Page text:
Reviews You Can Rely On

Rossignol One LF Review

Good choice for the price, but there are better options
Rossignol One LF
Photo: Rossignol
  • 1
  • 2
  • 3
  • 4
  • 5
Price:  $500 List
Pros:  Performs great in powder, holds edges well on hardpack, nice price, brand has over 110 years experience,
Cons:  Very heavy, a little loose feeling.
Manufacturer:   Rossignol
By Chris Edmands ⋅ Review Editor  ⋅  Nov 21, 2017
  • Share this article:
Our Editors independently research, test, and rate the best products. We only make money if you purchase a product through our links, and we never accept free products from manufacturers. Learn more
  • Edging - 25% 7
  • Float in Powder - 20% 9
  • Stability at Speed - 20% 8
  • Playfulness - 20% 7
  • Pop and Jumping - 15% 7

Our Verdict

The Rossignol One is a fun ride that can handle powder like a pro due to its directional shape and early rise nose. Looking down at the base profile of this board from nose to tail might make you think it was left out in the sun to warp, but this shape is fantastic for powder. We also found that the One performed great on edge, though it was less stable than cambered boards and its weight made it less playful than other contenders in our test suite. Both this board and the Lib Tech T Rice Pro weigh the same, which is funny when you consider that the T. Rice is longer and wider. Perhaps it's a testament to how ballistic the materials that make up the One really are. Fun ride, but heavy.

Graphic & Name Update
The One MagTek becomes the One LF (pictured above). All product links will direct you to this new version. For details of what changed, keep reading.

Our Analysis and Test Results

The One MagTek Becomes the One LF

The MagTek received a small makeover for the new season. Here is a summary of what changed:
  • Name — Previously the One MagTek, this board is now called the One LF. The change was implemented in order to promote the "L.I.T.E. Frame" (LF) technology that this board utilizes which integrates a urethane strip around the entire perimeter. Rossignol says that the strip is what helps to deliver full-length shock absorption for enhanced maneuverability, playfulness, and smooth ride control. Again, this technology is not new, it's part of the version we tested also, the manufacturer just wanted to highlight this feature more effectively.
  • Graphics — The new brighter graphics for the One LF can be seen below on the left. The One MagTek that we previously tested is pictured on the right.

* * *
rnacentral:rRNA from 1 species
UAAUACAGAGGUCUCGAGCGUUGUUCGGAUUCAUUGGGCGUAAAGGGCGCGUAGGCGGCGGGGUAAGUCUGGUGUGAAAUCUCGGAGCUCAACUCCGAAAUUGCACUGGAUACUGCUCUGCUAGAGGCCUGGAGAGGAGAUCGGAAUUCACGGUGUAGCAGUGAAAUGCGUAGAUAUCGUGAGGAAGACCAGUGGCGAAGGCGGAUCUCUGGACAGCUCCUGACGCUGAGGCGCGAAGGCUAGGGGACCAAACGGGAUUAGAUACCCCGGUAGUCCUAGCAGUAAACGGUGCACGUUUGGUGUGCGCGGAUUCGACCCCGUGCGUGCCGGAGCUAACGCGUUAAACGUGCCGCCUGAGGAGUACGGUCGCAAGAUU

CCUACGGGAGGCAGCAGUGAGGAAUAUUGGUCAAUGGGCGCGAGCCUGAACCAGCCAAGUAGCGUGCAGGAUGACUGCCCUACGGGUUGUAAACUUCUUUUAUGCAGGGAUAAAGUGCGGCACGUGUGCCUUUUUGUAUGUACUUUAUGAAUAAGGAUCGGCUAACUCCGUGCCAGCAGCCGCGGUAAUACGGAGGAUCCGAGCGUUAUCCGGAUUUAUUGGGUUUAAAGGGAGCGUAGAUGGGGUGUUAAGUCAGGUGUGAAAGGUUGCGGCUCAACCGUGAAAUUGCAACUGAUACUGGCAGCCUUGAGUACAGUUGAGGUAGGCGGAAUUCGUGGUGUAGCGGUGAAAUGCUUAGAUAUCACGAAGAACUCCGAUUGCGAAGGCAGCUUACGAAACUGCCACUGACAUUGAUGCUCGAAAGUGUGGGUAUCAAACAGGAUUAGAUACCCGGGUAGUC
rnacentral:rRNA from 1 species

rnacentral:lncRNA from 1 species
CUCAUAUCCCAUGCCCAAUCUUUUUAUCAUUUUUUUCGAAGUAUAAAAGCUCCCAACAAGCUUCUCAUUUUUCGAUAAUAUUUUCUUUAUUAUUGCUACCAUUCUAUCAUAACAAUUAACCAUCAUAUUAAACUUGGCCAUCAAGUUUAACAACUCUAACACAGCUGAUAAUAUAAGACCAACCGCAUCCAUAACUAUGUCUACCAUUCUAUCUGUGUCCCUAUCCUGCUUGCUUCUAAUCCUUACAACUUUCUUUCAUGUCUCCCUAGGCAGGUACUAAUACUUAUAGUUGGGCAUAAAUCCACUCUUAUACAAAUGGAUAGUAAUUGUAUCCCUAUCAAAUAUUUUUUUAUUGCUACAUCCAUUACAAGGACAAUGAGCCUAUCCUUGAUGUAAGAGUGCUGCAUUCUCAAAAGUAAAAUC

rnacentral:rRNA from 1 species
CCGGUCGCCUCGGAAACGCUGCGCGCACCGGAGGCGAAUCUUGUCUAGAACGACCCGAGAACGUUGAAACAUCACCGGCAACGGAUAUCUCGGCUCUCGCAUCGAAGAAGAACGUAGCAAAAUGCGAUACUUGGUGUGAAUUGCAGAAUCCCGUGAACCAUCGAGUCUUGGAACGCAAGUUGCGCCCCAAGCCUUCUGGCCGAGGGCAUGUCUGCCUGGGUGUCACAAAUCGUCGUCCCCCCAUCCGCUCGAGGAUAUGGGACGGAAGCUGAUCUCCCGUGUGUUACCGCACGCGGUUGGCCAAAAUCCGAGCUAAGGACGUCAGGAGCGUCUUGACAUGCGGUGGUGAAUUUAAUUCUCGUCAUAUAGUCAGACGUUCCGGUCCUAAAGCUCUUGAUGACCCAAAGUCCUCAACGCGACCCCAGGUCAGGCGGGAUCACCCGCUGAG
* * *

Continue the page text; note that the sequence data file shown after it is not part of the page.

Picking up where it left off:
Click to enlarge
Click to enlarge

The review that follows is for the MagTek, as we haven't tested the One LF. Rossignol assured us however that, structurally speaking, the board remains the same.

Hands-On Review of the One MagTek

Rossignol, originally a ski company, has been making snowboards for a very long time — over 100 years– and continues to make great rides. Our tester owned one of the first One Magtek models and didn't really care for it. While it rode okay and the Magne was a really nice addition, it was cambered and tended to sink. The reinvented One Magtek has a really rad early rising nose which puts it on top of the pow, making it a much better option than previous models. We're glad to see they're pushing the R&D.

Rossignol One Mag-Tek Model Detail
Rossignol One Mag-Tek Model Detail
Photo: Chris Edmands

Edging and Carving

Even though its serrated edge bites better in harder snow than a traditional edge, the One Magtek received a score of 7 out of 10 in this category. It has a large sidecut, rendering it less nimble edge to edge, with its weight being felt transitioning in and out of turns. The Lib Tech T Rice Pro scored the only perfect 10 out of 10 in this category, with the Jones Explorer and Burton Flight Attendant trailing closely behind.

Detailing of the edges on the One Magtek.
Detailing of the edges on the One Magtek.
Photo: Jenna Ammerman

Float in Powder

Yeah, this board does a great job of floating. It's directional, so its nose is longer than say, a twin board. Its rocker makes it buoyant, but the real game changer is the early rise nose. It rises very gradually from close to the front binding, like a surfboard, working with the powder rather than fighting it. 9 out of 10 for float, with the Never Summer Proto Type Two, Arbor Wasteland, and Lib Tech T Rice Pro earning the same score.

Stability at Speed

It's heavy, wide, and has a nice medium flex; all of these characteristics make it pretty darn stable, but not as much as others due to its rocker. Magtek edges, like all serrated edges, feet sort of catchy, reducing stability while flat based. 8 out of 10 for stability ain't all that bad though — just not the best, like the Burton Flight Attendant, which scored the only 10 out of 10 in this metric.

Best Applications

The Rossignol One Magtek is a decent all-around contender, but it's definitely designed to float in powder better than anything else. The serrated edges help while on edge carving, too.

Rossignol One Mag-Tek Base
Rossignol One Mag-Tek Base
Photo: Chris Edmands


At $500, its price tag may be a selling point for you if you're a bit strapped for cash — and that certainly ups the overall value.


A decent all-around performer, but quite heavy compared to the rest. Keep looking, unless you love the Rossignol brand.

Rossignol One Mag-Tek Topsheet
Rossignol One Mag-Tek Topsheet
Photo: Chris Edmands

Other Versions

We tested the Wide version of this board but, if your foot is smaller than size 10, Rossignol offers this board in a standard width.

Chris Edmands